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Condo Association Loans vs. HOA Loans

stephen polinsky on Feb 9, 2009 7:53:00 PM


A community association typically takes the legal form of a nonprofit or not-for-profit corporation under the corporate laws of the state in which it is located. The three most common forms of community associations are the condominium association, the homeowners association, and the cooperative association.

This article will concentrate on the first two forms - condominium associations and homeowners associations with mandatory membership. The cooperative form of ownership presents a different lending situation. Furthermore, the cooperative form is found principally in a few large metropolitan areas around the country, particularly New York City.

Unlike the other two types of associations, cooperatives own and are the mortgagors of the cooperative building. Individual residential owners hold shares in the cooperative corporation which give the owners their use rights in a particular unit. In this situation, a cooperative, which hold title to the entire structure containing cooperative units, could provide a second mortgage position on the building itself as collateral to a lender on a capital improvement loan. The other two types of associations would not be able to provide this form of collateral and would thus much more resemble the commercial borrower as opposed to a residential borrower. Condominium Association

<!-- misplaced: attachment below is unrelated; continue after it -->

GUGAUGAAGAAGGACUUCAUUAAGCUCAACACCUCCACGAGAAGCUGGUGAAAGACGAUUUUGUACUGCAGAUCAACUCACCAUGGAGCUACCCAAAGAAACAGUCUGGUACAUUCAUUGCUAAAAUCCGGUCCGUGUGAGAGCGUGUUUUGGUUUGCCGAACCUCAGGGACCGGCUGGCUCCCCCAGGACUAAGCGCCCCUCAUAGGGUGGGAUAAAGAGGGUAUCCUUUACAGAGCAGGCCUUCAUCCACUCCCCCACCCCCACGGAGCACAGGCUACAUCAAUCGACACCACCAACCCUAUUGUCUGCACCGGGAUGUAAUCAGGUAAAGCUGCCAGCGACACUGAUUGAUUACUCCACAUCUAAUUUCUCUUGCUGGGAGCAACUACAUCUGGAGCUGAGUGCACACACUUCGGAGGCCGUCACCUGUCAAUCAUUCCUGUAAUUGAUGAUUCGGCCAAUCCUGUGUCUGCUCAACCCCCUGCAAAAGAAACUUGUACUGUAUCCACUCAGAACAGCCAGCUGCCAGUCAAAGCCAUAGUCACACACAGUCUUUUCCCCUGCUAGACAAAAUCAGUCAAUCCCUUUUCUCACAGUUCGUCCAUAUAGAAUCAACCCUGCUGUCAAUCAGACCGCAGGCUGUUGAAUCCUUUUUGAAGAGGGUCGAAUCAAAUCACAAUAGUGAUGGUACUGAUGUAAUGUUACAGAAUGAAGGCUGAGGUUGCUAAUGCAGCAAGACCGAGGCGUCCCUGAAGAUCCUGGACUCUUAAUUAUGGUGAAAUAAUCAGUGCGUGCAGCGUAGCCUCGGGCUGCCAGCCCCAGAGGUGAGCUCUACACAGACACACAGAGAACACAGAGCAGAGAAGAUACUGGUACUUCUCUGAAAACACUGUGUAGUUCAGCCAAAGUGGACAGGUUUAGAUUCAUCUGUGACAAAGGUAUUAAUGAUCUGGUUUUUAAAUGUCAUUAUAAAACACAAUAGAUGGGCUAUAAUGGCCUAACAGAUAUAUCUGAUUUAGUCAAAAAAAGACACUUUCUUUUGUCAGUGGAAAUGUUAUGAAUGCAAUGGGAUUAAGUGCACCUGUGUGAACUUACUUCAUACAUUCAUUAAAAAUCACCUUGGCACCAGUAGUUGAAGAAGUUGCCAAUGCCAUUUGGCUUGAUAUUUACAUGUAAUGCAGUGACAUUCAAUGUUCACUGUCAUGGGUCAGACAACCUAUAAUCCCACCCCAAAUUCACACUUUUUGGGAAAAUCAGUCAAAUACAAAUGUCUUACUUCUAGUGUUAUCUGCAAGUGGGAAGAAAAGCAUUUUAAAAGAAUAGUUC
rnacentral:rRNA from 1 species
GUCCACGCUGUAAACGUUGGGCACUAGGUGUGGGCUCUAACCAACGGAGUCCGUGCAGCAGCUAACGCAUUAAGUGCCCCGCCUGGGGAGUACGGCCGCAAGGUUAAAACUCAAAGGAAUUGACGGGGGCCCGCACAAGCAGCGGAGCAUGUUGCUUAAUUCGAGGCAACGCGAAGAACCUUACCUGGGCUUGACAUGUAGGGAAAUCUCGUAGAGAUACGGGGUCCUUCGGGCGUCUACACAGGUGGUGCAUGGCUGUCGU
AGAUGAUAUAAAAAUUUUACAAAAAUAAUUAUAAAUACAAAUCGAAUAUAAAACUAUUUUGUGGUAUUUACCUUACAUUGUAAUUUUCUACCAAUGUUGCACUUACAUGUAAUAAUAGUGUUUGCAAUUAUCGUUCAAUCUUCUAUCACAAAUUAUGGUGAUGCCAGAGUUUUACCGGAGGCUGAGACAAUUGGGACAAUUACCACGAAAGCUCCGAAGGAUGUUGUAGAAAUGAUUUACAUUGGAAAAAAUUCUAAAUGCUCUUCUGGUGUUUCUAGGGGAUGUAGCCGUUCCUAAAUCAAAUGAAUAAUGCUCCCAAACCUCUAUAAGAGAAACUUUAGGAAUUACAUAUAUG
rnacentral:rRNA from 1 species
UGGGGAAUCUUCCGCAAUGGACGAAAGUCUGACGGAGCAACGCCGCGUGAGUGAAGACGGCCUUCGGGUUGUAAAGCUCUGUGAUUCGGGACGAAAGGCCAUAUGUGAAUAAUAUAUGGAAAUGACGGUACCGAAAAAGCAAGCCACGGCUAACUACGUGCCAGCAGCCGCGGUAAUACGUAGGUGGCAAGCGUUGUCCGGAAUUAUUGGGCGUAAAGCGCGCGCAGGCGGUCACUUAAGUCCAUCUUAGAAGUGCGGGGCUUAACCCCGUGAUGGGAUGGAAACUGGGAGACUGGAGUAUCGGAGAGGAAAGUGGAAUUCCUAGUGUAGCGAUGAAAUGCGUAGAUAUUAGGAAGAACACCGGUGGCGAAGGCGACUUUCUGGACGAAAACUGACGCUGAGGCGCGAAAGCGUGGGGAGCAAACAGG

First, it is necessary to address the legal bases for a condominium association and a homeowners association with mandatory membership. In condominium ownership, which will have a statutory basis found in every state's condominium or horizontal property legislation, individual owners hold fee simple title to their condominium units and a percentage fee simple interest in the common elements. A state's condominium act will also require the formation of a condominium association or council of co-owners as a nonprofit corporation. Typically, the condominium association does not own any real property at the development. Nevertheless, through the state's condominium act and more precisely through its declaration (or master deed), the association will have a duty to maintain and govern the condominium property.

The individual owner's unit will be defined in the condominium documents in terms of horizontal and vertical boundaries. Typically, the unit will be the space bounded by the finished or unfinished interior walls. Thus, exterior surfaces, structural elements, and roofs will be common elements for which condominium associations will have maintenance responsibility. The individual condominium owner will be a mandatory member of the condominium association, and there will be a statutory duty to pay a condominium assessment based on the budget requirements of the association.

The level of association assessments for any particular condominium will depend very much on the type of structure and the breadth of maintenance duties as outlined in the condominium documents. For example, at a high-rise condominium with elevators, central hot water, and central heating and air conditioning, the monthly condominium fee will be higher than that in a suburban low-rise or garden-type condominium. Figure I shows a sample maintenance responsibility clause from a typical condominium document.

FIGURE 1. Sample Maintenance Clause